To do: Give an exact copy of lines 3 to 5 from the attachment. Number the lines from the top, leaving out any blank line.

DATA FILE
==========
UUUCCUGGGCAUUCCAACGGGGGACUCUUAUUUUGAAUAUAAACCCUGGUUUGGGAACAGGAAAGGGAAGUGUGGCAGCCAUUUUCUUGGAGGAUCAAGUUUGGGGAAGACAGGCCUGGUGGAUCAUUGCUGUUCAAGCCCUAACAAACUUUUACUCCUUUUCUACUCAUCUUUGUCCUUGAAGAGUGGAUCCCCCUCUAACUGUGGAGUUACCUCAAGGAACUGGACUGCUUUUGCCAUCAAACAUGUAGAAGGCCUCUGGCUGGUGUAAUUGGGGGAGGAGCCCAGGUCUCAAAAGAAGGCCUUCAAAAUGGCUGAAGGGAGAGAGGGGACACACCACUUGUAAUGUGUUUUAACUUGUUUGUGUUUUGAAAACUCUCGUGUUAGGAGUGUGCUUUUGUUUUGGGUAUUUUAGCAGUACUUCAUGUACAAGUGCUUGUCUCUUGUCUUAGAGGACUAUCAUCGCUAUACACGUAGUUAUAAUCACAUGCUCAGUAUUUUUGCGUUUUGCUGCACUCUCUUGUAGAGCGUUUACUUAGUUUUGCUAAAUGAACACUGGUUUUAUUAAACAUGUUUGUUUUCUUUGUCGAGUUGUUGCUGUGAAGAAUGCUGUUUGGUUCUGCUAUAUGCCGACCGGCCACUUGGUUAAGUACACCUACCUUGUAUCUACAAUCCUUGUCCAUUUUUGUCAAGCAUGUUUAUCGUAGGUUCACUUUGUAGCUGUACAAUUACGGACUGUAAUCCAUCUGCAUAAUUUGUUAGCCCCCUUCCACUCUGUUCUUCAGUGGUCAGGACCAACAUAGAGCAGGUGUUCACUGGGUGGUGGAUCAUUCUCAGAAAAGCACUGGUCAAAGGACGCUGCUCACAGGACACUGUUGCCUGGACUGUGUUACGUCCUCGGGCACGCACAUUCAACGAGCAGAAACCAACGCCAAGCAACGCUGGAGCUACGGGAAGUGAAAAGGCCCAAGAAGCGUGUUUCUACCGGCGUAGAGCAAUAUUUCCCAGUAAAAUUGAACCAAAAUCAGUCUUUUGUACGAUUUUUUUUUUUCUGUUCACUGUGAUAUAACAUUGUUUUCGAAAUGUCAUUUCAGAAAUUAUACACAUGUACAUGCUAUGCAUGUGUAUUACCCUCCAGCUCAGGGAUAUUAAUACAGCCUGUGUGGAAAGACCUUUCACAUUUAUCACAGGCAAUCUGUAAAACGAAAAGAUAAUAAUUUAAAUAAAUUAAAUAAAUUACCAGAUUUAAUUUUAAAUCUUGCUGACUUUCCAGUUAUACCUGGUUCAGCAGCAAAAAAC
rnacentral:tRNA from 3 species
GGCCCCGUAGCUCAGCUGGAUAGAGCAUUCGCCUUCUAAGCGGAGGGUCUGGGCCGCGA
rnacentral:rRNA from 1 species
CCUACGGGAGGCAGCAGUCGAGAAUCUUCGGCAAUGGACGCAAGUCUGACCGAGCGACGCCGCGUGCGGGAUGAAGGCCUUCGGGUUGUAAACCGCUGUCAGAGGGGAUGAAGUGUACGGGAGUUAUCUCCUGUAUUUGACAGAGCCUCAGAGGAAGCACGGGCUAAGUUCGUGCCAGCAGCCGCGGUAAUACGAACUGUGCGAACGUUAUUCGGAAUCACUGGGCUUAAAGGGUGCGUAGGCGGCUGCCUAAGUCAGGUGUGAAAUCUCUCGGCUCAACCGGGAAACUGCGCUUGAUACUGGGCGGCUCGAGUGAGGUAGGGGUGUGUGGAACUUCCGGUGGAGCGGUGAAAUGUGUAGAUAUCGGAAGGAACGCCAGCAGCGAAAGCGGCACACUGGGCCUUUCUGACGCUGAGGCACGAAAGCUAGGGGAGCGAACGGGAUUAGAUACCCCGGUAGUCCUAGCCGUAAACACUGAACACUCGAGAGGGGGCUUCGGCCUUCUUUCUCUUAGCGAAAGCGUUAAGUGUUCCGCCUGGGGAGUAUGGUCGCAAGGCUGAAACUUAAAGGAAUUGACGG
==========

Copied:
GGCCCCGUAGCUCAGCUGGAUAGAGCAUUCGCCUUCUAAGCGGAGGGUCUGGGCCGCGA
rnacentral:rRNA from 1 species
CCUACGGGAGGCAGCAGUCGAGAAUCUUCGGCAAUGGACGCAAGUCUGACCGAGCGACGCCGCGUGCGGGAUGAAGGCCUUCGGGUUGUAAACCGCUGUCAGAGGGGAUGAAGUGUACGGGAGUUAUCUCCUGUAUUUGACAGAGCCUCAGAGGAAGCACGGGCUAAGUUCGUGCCAGCAGCCGCGGUAAUACGAACUGUGCGAACGUUAUUCGGAAUCACUGGGCUUAAAGGGUGCGUAGGCGGCUGCCUAAGUCAGGUGUGAAAUCUCUCGGCUCAACCGGGAAACUGCGCUUGAUACUGGGCGGCUCGAGUGAGGUAGGGGUGUGUGGAACUUCCGGUGGAGCGGUGAAAUGUGUAGAUAUCGGAAGGAACGCCAGCAGCGAAAGCGGCACACUGGGCCUUUCUGACGCUGAGGCACGAAAGCUAGGGGAGCGAACGGGAUUAGAUACCCCGGUAGUCCUAGCCGUAAACACUGAACACUCGAGAGGGGGCUUCGGCCUUCUUUCUCUUAGCGAAAGCGUUAAGUGUUCCGCCUGGGGAGUAUGGUCGCAAGGCUGAAACUUAAAGGAAUUGACGG